CURRENCIES: Dollar Sinks To 10-month Low Against Euro

By Anora Mahmudova, MarketWatch , Rachel Koning Beals Features Dow Jones Newswires

ECB's Draghi hints at early steps away from aggressive stimulus

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The dollar weakened broadly on Tuesday, marking a 10-month low against the euro, which surged as investors weighed what could be a shift away from aggressive eurozone stimulus. Meanwhile, a delay of the health-care bill vote by the U.S. Senate put late-session pressure on the buck.

GOP lawmakers postponed the vote on the health-care bill to overhaul Obamacare, after several Republican senators said they wouldn't vote for the bill in its existing form. The Congressional Budget Office, a nonpartisan entity, reported that the bill would leave 22 million people without health coverage, while costs of premiums and out-of-pocket deductibles would rise.

The ICE Dollar Index , a measure of the currency against a basket of six major rivals, fell 1% to 96.472, with the euro representing the largest weighting in the dollar gauge.

"The failure to pass the bill with enough support in the Senate suggests that the Trump administration is losing political capital that is needed to pass other policies, such as tax reform and infrastructure spending. Currency markets views this as a negative for the dollar," said Alfonso Esparza, senior currency strategist at OANDA.

The dollar continued to weaken as Federal Reserve Chairwoman Janet Yellen gave a speech in London on Tuesday, and answered questions from the audience. Yellen reiterated that rate increase will be gradual and the Fed will avoid destabilizing markets.

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Read:Yellen says another crisis isn't likely in our lifetime: live blog (http://blogs.marketwatch.com/capitolreport/2017/06/27/live-blog-of-janet-yellen-address-in-london/)

Philadelphia Fed President Patrick Harker, also speaking in London, reaffirmed his stance for raising rate one more time this year.

Fed officials' comments come against the backdrop of persistent concerns that inflation is running below the Fed's expectations for a 2% rise.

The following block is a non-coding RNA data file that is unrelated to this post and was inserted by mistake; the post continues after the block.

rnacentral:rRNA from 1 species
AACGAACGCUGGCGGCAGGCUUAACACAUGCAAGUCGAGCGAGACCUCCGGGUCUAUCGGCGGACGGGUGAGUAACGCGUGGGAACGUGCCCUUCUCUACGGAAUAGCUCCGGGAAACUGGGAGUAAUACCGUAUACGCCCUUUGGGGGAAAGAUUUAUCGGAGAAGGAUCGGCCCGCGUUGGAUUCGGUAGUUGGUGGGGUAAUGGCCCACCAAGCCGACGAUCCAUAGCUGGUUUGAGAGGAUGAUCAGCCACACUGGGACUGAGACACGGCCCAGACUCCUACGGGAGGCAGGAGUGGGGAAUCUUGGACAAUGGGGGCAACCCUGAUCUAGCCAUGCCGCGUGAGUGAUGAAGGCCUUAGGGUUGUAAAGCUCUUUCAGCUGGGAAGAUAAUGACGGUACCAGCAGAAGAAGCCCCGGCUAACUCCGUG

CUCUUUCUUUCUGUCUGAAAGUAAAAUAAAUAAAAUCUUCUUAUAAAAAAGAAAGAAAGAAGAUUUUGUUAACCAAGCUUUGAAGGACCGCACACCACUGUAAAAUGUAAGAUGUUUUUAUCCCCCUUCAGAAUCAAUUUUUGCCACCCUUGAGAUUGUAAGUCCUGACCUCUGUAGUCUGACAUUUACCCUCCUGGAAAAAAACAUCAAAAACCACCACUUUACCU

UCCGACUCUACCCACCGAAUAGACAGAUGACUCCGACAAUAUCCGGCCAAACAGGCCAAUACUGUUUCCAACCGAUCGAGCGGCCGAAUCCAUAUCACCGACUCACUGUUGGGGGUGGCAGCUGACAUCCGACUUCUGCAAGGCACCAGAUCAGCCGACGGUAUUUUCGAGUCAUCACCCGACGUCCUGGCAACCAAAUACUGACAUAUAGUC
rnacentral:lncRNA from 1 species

On data front, U.S. home-price gains pulled back slightly but remained robust early this year, prompting questions about how sustainable such a streak can be. Meanwhile, consumer confidence jumped in June.

The dollar came under early pressure, as the euro surged after European Central Bank President Mario Draghi said in a speech in Portugal on Tuesday that changes to the central bank's accommodative posture may see the ECB move "not in order to tighten the policy stance, but to keep it broadly unchanged." The comments made in Sintra, Portugal, were viewed as being less dovish, or accommodative, than Draghi's earlier speeches by some analysts' accounts, and jolted the euro to the highest level, above $1.13, since August, according to data from WSJ Market Data Group.

"There was a very minor nuanced change in his tone, but it was enough to impact the euro," said Neil Mellor, chief currency strategist at BNY Mellon.

The euro was most recently changing hands at $1.1346, up 1.4% compared with $1.1182 late Monday in New York.

"A lot depends on whether a decline in inflation is indeed temporary, but the biggest risk to taking a positive view of the economy is Italy. Once the ECB stops buying assets, Italy will be on its own and the consequence of that is simply unknown," said Mellor.

In other currencies, the pound was worth $1.2799, up 0.6% compared with $1.2721 late Monday.

The pound has gained to start the week after U.K. Prime Minister Theresa May reached a deal with Northern Ireland's Democratic Unionist Party for its lawmakers to support the Conservatives' minority government (http://www.marketwatch.com/story/uks-dup-reaches-deal-to-support-minority-tory-government-reports-2017-06-26).

Against its Japanese counterpart, the dollar strengthened slightly against the yen, buying Yen112.13, up from Yen111.87 late Monday in New York.

(END) Dow Jones Newswires

June 27, 2017 15:40 ET (19:40 GMT)